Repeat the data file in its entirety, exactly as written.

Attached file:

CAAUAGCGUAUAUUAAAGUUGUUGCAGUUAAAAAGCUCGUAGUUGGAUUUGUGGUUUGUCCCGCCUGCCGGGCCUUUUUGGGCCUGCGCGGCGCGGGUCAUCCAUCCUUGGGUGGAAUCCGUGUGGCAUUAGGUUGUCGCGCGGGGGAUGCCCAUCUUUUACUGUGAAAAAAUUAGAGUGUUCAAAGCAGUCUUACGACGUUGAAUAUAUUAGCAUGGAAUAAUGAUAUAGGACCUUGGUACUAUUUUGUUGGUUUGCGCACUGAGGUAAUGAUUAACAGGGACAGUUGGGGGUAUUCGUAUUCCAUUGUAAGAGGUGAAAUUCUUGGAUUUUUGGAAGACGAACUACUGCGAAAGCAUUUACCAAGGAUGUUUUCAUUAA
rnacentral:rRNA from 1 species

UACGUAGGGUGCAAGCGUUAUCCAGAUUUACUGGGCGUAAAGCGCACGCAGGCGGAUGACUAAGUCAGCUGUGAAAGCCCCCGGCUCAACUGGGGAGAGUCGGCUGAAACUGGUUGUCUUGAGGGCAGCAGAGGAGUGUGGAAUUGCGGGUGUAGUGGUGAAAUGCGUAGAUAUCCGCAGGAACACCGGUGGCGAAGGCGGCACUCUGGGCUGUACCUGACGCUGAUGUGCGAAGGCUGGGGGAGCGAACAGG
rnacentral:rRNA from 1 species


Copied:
CAAUAGCGUAUAUUAAAGUUGUUGCAGUUAAAAAGCUCGUAGUUGGAUUUGUGGUUUGUCCCGCCUGCCGGGCCUUUUUGGGCCUGCGCGGCGCGGGUCAUCCAUCCUUGGGUGGAAUCCGUGUGGCAUUAGGUUGUCGCGCGGGGGAUGCCCAUCUUUUACUGUGAAAAAAUUAGAGUGUUCAAAGCAGUCUUACGACGUUGAAUAUAUUAGCAUGGAAUAAUGAUAUAGGACCUUGGUACUAUUUUGUUGGUUUGCGCACUGAGGUAAUGAUUAACAGGGACAGUUGGGGGUAUUCGUAUUCCAUUGUAAGAGGUGAAAUUCUUGGAUUUUUGGAAGACGAACUACUGCGAAAGCAUUUACCAAGGAUGUUUUCAUUAA
rnacentral:rRNA from 1 species

UACGUAGGGUGCAAGCGUUAUCCAGAUUUACUGGGCGUAAAGCGCACGCAGGCGGAUGACUAAGUCAGCUGUGAAAGCCCCCGGCUCAACUGGGGAGAGUCGGCUGAAACUGGUUGUCUUGAGGGCAGCAGAGGAGUGUGGAAUUGCGGGUGUAGUGGUGAAAUGCGUAGAUAUCCGCAGGAACACCGGUGGCGAAGGCGGCACUCUGGGCUGUACCUGACGCUGAUGUGCGAAGGCUGGGGGAGCGAACAGG
rnacentral:rRNA from 1 species